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Motorola, Inc. v. Abeckaser

UNITED STATES DISTRICT COURT FOR ONLINE PUBLICATION ONLY EASTERN DISTRICT OF NEW YORK


January 29, 2010

MOTOROLA, INC., PLAINTIFF ,
v.
GAD ABECKASER A/K/A GADI ABECKASER, GADI'S CELL, INC. D/B/A GADICELL, INC. AND GADICELL, GADIS INC., MOBILE CELLULAR, INC., AND VARIOUS JOHN DOES, JANE DOES AND ABC COMPANIES, DEFENDANTS .

The opinion of the court was delivered by: John Gleeson, United States District Judge

MEMORANDUM AND ORDER

Plaintiff Motorola, Inc. commenced this trademark action on September 21, 2007 against defendants Gad Abeckaser a/k/a Gadi Abeckaser ("Abeckaser"); Gadi's Cell, Inc. d/b/a Gadicell, Inc. and Gadicell; Gadis Inc.; Mobile Cellular, Inc.; and various John Does, Jane Does and ABC Companies. Plaintiff alleges that defendants engaged in: (1) infringement of plaintiff's registered trademarks, in violation of Section 32 of the Lanham Act, 15 U.S.C. § 1114 (Count I); (2) false designation of origin, in violation of Section 43(a) of the Lanham Act, 15 U.S.C. § 1125(a) (Count II); and (3) unfair competition under New York State common law (Count III). Plaintiff's claims arise out of defendants' sale of counterfeit merchandise bearing trademarks that are unauthorized copies of plaintiff's trademarks.

On April 8, 2009, the Honorable Charles P. Sifton granted plaintiff's motion for partial summary judgment on Counts I and II, and on August 20, 2009, judgment was entered in plaintiff's favor. The case was transferred to me on December 1, 2009.

Presently before the court is plaintiff's motion (1) to set aside a conveyance of property by defendant Abeckaser pursuant to N.Y. Debt. & Cred. Law § 270, et seq. ; and (2) for leave to add the transferee and current title holder of the property as a necessary party, instanter . For the reasons set forth below, plaintiff's motion to set aside the conveyance of property is denied with leave to seek relief after adding the transferee and current title holder of the Property as a necessary party, and plaintiff's motion for leave to add transferee and current title holder as a necessary party is granted.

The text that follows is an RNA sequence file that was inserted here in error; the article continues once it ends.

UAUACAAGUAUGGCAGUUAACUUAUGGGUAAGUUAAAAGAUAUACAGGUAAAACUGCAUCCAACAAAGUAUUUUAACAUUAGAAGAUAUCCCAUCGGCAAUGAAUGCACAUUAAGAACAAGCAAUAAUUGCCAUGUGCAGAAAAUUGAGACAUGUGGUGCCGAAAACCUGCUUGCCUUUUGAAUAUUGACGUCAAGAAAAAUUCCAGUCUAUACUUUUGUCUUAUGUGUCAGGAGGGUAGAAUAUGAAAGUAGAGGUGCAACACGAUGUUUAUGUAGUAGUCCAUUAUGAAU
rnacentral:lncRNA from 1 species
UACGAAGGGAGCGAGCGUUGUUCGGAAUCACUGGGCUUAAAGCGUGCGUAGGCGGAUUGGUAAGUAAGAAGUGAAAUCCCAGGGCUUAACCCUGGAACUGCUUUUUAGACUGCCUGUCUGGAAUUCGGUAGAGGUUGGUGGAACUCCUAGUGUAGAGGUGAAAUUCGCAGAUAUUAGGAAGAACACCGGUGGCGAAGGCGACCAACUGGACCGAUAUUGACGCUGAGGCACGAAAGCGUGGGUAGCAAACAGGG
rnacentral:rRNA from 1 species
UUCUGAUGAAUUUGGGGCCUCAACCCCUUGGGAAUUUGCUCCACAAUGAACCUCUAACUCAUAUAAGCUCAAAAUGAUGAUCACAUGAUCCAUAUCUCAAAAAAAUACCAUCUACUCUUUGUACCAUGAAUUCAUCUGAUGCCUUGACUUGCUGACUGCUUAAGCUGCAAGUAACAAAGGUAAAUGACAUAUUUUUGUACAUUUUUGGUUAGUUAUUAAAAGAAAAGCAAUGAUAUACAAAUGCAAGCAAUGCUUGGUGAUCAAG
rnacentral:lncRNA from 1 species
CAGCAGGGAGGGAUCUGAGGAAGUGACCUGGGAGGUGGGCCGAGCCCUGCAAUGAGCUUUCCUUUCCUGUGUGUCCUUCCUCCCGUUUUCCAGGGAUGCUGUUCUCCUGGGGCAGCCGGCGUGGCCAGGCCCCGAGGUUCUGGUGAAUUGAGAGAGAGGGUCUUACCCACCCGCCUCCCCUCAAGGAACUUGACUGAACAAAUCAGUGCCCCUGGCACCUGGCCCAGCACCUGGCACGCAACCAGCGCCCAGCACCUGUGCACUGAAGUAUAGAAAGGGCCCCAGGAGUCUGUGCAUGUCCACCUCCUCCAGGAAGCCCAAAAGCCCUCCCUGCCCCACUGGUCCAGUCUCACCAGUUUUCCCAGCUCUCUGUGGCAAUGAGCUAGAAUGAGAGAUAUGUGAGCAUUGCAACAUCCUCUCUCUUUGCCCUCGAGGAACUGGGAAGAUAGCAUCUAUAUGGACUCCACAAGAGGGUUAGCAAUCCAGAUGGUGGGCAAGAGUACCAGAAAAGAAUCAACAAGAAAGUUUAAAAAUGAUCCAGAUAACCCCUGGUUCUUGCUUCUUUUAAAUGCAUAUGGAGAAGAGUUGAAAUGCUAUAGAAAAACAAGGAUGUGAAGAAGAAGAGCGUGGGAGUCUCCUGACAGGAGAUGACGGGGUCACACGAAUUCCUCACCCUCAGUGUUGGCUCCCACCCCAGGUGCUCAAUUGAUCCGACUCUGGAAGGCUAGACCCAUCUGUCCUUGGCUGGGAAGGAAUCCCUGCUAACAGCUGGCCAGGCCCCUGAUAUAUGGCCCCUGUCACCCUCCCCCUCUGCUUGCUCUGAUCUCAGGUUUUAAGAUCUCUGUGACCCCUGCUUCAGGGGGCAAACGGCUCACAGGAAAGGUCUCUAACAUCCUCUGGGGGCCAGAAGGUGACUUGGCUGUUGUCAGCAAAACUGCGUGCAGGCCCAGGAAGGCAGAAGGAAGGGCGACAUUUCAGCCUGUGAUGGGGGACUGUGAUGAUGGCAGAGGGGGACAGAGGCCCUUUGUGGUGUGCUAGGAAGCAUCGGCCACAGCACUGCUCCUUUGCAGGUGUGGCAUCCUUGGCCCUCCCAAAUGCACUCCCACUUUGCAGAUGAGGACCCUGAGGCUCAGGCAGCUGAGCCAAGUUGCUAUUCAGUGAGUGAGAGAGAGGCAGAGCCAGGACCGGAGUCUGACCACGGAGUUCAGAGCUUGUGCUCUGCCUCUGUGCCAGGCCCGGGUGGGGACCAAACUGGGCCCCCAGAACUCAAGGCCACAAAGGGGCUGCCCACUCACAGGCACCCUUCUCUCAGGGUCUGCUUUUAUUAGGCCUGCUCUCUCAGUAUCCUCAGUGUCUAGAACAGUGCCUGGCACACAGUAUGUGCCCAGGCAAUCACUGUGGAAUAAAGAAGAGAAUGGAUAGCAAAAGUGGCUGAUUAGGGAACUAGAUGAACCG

BACKGROUND

Familiarity with the facts and procedural history of the case is presumed. For a more complete description of the underlying facts, see Motorola, Inc. v. Abeckaser , No. 07-CV-3963, 2009 WL 962809 (E.D.N.Y. Apr. 8, 2009) . The following facts are drawn from the record of the case, including plaintiff's submission in connection with this motion. Defendants have not submitted papers in opposition to the present motion.

Plaintiff commenced the instant action on September 21, 2007, and immediately sought an ex parte temporary restraining order and preliminary injunction restraining defendants' assets. Declaration of Eddy Salcedo dated September 11, 2009 ("Salcedo Decl.") ¶ 4. By stipulation dated October 3, 2007, plaintiff withdrew its initial motion and defendants agreed to refrain from using the Motorola Trademarks in connection with any counterfeit merchandise. Defendants also agreed as follows:

4. During the pendency of this action, Defendant Abeckaser agrees not to sell, lease, transfer or otherwise dispose of or encumber his home, including the structure and land, known as and located at 1082 East 29th Street, Brooklyn, New York, without prior approval of the Court.

5. Defendants agree not to transfer or dispose of money, stocks or other assets outside of the regular course of business without prior approval of the Court, or to, in any way, secrete any money, stocks or other assets.

Salcedo Decl. ¶ 4 & Ex. B (copy of stipulation) at ¶¶ 4-5. Although the stipulation was filed on October 3, 2007 ( see docket entry 5), neither I nor any other judge "so ordered" the stipulation.

In January of 2009, defendants were directed to report whether the title to the property located at 1082 East 29th Street, Brooklyn, New York, designated in paragraph four of the stipulation ("the Property"), remained in defendant Abeckaser's name, whether it remained free of lease, transfer or other encumbrance, and whether defendants had complied with paragraph five of the stipulation. Plaintiff's counsel reported that a search of the online database for the Office of the City Register of the New York City Department of Finance revealed that a deed had been issued for the property designated in paragraph four of the stipulation to an individual by the name of "Simon Stoklasa" in or about October 2008. Salcedo Decl. ¶ 5 & Ex. C (copy of deed).*fn1

In late January of 2009, Plaintiff moved for partial summary judgment on Counts I and II pursuant to Rule 56 of the Federal Rules of Civil Procedure, as well as for injunctive relief, damages, attorney's fees, and costs. Judge Sifton granted plaintiff's motion for partial summary judgment on April 8, 2009. Motorola, Inc. v. Abeckaser , No. 07-CV-3963 (CPS)(SMG), 2009 WL 962809 (E.D.N.Y. 2009).

On April 29, 2009, upon plaintiff's application, Judge Sifton issued an order directing defendants to show cause why an order should not be entered finding defendants in contempt of for violating the stipulation entered October 3, 2007 restraining defendants' assets. At oral argument on May 4, 2009, plaintiff argued that defendants should be held in civil contempt based upon their violation of the stipulation. Judge Sifton concluded on the record that because there was no evidence that the October 3, 2007 stipulation had ever been reduced to a court order, the remedy of civil contempt was unavailable to plaintiff with regard to violation of that stipulation.